I think I’ve said it before on this website, but nothing bothers me more than people who see things purely in extremes. Human society is so complex that any commentary on it needs to be approached with thought, perspective and sympathy.
It’s the lack of thought that really gets me. Most of what I write about–dustups over social issues–can be not only cleared up but avoided with a little thought. With a little sympathy. And certainly with a little perspective, because what it usually come down to is someone who is unable to think from the perspective of another person.
Then when called on it, either gently or robustly, they get defensive and miss the opportunity to think from the perspective of another person. And the argument progresses from there.
Now, I can fully expect a comment telling me how words like “misogynist” and “homophobe” and “racist” hurt people’s feelings and activist fans are not looking at things through the point of view of the struggling creator. And no doubt some reviewers are unfairly cruel in their zeal to be an entertaining read.
But that’s not what I’m talking about here.
I’m thinking, specifically, of a way writers can refine their craft and avoid dustups over social issues at the same time–by placing themselves in the shoes of a person with the same background as a character they are trying to write. By not using a minority character as a mouthpiece for the agenda of the majority, but instead doing the research and presenting a reasonable minority perspective–even if it means you have to deal with unfortunate questions. By making fully rounded and self-deterministic female characters rather than easy sex appeal for a coveted and vastly underestimated demographic. By concentrating on making fully realized people who carry their own plotlines which sometimes involve dealing with prejudice or romance, but doesn’t lead to burying a character in a toychest until it’s time for a very special issue on tolerance.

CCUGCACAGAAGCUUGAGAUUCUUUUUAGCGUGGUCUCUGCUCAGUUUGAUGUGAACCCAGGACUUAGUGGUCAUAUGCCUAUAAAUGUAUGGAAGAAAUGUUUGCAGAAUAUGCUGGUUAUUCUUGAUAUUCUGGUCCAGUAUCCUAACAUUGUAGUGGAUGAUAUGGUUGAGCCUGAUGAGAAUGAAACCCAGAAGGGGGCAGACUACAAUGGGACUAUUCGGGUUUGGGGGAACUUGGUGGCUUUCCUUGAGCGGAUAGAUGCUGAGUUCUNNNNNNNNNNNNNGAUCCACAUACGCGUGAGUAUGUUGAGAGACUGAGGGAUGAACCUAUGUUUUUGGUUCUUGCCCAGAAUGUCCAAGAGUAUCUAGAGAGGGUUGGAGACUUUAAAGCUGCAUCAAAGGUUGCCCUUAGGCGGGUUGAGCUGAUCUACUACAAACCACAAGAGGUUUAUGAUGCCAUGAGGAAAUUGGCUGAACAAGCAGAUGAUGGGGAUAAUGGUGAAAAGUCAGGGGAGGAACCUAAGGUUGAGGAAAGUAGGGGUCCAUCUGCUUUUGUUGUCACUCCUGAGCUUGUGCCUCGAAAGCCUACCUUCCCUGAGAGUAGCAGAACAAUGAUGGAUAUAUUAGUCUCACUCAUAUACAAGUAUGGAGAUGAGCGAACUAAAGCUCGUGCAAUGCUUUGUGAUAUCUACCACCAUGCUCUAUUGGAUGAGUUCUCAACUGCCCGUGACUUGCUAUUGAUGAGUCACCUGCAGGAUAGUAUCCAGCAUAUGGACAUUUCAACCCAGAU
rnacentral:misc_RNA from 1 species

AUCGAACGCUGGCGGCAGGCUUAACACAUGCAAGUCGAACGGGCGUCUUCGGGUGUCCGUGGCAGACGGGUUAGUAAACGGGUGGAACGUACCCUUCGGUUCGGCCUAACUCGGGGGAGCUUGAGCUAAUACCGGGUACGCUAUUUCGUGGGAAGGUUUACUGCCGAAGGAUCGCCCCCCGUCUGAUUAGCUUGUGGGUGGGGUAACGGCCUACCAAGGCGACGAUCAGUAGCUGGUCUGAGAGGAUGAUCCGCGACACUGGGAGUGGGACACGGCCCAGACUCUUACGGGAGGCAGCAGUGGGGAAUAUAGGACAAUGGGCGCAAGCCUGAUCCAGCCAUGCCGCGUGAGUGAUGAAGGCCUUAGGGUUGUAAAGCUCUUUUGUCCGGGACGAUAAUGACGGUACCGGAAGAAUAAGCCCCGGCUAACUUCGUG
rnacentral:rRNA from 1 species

It probably takes some research, and some mistakes, and some arguing — but this should be the ultimate goal. Characters who are more like people than like ink on paper. Someone relatable to the reader. And if people who have similar backgrounds to the character you’re writing are offended by what you have that character saying or doing, then you’re not writing a realistic character.